Does Faye Hanohano Have A Point?

Brett A. Uprichard

Inflammatory remarks attributed to Rep. Faye Hanohano regarding the artwork in her Capitol office are the talk of the islands.

In news reports, Hanohano, a Native Hawaiian, called the state's Art in Public Places exhibit "ugly" and said she was upset about the absence of Native Hawaiian artists included in the selection of art for her office. She is said to have used slurs to refer to Asian and white artists.

While the Puna Democrat issued apology statements last week, the difficult issue of race and ethnicity in Hawaii remains at the forefront of discussion. Reaction to Hanohano, transmitted widely on local airwaves, print and online, includes these sentiments:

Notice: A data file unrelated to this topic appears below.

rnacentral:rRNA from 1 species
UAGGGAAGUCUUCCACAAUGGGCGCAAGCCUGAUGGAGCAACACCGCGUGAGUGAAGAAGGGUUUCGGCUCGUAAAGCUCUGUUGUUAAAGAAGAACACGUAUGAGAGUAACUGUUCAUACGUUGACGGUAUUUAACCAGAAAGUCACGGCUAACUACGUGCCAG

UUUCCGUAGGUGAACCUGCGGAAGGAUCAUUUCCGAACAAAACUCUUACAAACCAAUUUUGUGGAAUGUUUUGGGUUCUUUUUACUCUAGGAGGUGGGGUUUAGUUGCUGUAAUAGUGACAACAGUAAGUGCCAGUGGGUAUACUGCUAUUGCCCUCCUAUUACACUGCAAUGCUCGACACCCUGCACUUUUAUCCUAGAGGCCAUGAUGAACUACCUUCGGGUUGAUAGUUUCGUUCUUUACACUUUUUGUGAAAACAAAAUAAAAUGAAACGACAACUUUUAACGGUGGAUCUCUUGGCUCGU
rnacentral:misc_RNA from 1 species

Hanohano is a racist. She's sticking up for native pride. Her anger is justified. She should resign. Hawaiians can't be racist because they were colonized. She should be fired. She apologized, so let's move on.

But has Hanohano raised an important point? That art by Hawaii's indigenous people should be celebrated?

If that was her intent, a Civil Beat analysis suggests, she appears to have had few artists to choose from.

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